99.5% won’t be able to do it

They showed me the distance from my stand to my soul. I asked, Would I miss very much? The equivalent of the pain index.

It’s your soul, child. You’ve been distant for too long. Would it be so wrong to come back?

I grow attached. It’s been too long here, here where I am no longer fixing breakfast for your families but waiting for them to turn out the light. Each star dims, I count the ones that lead the way toward a familiar bridge, a bridge I’d almost forgotten.

My soul, I’m coming home soon.

dream, Oct. 1, 2017


Le Pichet

Photo by Peter Miranda on Unsplash

His world is meat and potatoes, hold the beans

I held his coagulated blood in the palm of my hand one fretful night between the cancer and the next colonoscopy. The red liver tissue jiggled like Jell-O.

I am here, always, waiting for you, cafe au lait beside my notes and my rusty pen. I know the difference.

You will smell my hair before sliding into the seat, pulling mine closer, an embarrassing display — one I have hungered for, given my American diet. You always sip thoughtfully, tearing dainty bites of one croissant, lightly scorched at the edges, fingering my arm. Every morning, the same petit déjeuner while I run to catch up.

I miss this world, a world away. And, neither of us are French. We gypsy in and out of focus when the cause suits us.

I wonder where you are this very moment, stuck in line at the nearest McDonald’s, because she says so, stuck in a book, while the children gather around the manufactured extra-large stuffed crust.

We celebrated a birthday, my love. I thought of you when the sommelier passed by, on to another table, while watching these familiar strangers gorge on flesh, adulterated Yukon Golds.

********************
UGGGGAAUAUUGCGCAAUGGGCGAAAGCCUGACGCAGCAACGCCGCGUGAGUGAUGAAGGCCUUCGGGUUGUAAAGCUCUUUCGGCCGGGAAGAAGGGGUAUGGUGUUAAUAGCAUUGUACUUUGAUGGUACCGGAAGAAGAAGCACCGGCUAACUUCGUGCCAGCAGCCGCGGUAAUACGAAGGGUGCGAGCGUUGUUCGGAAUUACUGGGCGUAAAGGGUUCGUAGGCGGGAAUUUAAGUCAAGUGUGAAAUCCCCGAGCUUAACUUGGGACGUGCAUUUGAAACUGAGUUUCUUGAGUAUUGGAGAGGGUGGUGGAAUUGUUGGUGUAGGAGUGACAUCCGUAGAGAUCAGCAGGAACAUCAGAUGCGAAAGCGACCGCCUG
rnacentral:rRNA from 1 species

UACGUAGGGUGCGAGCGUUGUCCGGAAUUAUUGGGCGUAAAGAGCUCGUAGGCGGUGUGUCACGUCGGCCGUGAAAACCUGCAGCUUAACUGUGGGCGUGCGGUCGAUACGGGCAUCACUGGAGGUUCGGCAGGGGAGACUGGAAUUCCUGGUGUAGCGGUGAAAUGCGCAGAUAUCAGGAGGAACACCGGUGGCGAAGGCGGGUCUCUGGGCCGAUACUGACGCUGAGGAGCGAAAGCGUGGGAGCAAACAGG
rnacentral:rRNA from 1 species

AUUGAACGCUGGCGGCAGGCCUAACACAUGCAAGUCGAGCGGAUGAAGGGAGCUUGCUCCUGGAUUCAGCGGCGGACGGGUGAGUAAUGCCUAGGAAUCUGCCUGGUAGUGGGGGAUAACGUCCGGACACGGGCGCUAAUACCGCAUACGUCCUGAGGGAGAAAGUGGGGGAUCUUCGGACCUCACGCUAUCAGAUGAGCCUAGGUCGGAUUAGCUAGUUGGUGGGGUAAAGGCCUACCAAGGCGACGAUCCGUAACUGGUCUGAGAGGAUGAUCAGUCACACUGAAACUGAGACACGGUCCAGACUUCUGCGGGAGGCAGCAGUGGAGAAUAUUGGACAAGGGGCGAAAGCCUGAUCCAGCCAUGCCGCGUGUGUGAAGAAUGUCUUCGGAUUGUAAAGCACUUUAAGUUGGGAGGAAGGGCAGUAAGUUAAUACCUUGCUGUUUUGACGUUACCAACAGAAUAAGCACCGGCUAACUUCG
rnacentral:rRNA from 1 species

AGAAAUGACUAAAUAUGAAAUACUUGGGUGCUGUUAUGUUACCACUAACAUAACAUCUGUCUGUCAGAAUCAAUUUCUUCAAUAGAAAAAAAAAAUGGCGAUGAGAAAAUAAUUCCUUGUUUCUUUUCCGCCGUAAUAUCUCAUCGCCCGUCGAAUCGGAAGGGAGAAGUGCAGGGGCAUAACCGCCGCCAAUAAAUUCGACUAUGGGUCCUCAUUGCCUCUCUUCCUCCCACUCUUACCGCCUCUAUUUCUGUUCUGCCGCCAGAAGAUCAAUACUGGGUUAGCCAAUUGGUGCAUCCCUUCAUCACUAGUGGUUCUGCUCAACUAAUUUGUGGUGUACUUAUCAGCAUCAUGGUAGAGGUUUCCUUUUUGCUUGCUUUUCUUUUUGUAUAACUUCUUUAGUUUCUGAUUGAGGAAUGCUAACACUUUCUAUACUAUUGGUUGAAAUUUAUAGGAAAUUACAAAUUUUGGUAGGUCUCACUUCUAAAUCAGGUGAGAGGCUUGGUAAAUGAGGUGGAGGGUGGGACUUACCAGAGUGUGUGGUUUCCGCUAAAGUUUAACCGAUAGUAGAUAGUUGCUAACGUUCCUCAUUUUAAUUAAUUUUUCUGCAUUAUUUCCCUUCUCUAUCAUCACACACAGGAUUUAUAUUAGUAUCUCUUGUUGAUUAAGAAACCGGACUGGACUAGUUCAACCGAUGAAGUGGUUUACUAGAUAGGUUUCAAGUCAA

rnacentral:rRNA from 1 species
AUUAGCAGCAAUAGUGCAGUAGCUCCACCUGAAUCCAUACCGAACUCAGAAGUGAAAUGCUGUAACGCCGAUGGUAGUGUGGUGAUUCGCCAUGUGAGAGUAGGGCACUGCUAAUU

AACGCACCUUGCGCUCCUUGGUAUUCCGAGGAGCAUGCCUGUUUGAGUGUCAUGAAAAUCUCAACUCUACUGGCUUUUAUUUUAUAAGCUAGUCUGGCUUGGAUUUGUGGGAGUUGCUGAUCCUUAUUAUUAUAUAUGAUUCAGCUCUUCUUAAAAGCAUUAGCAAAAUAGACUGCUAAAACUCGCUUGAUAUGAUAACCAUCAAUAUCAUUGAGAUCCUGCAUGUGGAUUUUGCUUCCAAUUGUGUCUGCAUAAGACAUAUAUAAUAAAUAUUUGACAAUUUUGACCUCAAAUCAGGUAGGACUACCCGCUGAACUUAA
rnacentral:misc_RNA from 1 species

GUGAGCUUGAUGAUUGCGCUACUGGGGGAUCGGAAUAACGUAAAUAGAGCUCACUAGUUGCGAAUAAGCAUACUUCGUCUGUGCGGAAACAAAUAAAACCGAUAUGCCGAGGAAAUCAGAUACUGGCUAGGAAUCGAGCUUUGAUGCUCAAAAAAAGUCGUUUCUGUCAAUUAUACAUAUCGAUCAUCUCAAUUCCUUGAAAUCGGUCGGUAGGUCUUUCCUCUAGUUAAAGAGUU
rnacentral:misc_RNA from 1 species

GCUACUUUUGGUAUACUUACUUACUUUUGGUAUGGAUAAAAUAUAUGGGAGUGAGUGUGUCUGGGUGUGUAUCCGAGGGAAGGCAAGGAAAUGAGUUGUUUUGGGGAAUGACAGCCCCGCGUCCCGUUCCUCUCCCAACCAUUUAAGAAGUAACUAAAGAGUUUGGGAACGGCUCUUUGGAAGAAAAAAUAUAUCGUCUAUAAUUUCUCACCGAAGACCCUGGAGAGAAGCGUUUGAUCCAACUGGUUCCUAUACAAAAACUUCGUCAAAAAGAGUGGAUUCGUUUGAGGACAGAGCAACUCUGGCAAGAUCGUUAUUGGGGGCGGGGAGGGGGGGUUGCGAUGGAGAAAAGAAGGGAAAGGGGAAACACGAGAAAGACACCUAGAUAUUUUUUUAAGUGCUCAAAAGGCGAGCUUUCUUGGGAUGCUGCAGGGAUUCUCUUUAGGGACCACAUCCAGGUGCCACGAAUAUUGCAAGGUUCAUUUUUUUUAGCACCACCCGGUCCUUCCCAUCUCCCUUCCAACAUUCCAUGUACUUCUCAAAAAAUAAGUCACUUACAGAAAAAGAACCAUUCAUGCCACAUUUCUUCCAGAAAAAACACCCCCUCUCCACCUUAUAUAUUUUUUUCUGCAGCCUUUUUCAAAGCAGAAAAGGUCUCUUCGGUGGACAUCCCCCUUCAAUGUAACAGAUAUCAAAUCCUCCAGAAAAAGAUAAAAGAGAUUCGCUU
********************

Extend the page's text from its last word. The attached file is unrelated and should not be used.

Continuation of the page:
lentils, parsnips, little plates of octopus, this crepe I turn away for hamburger until the day I bury this life beneath ten thousand

Your kisses taste of wild strawberries.

Body Shots

Photo by Juskteez Vu on Unsplash

I saw a shooting star over the Ala Wai Canal. It was dusk, or dark, I forget which.

Before I made my wish, before I turned to point out my fallen star, another one splashed into the murky, bacteria-laden water, then another until — with a start — I realized those weren’t stars but people, then mottled meteors made up of people, flotsam, and the detonated debris of 1940s atomic bombs.

Today, those stars are gone. But I still crane my neck to look up at as much of Hawaii’s blue sky as I can, vaguely remembering the gray cast over Fourth & Pike before the world disappeared in the vastness of your five-minute phone call, pretending to be someone I love.

The last ride

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Today I dreamed of that Twilight Zone Funhouse, open 24 hours in this mall they’re forever renovating — floor by floor. I took the elevator between 5 and 3, took a number, listened to the spiel from a friendly operator with the paper hat — the kind carnies wore selling hot dogs and cotton candy. This one’s only 30 minutes. That one’s a bit longer, featuring an old Italian actress, Gina Lollobrigida seems about right.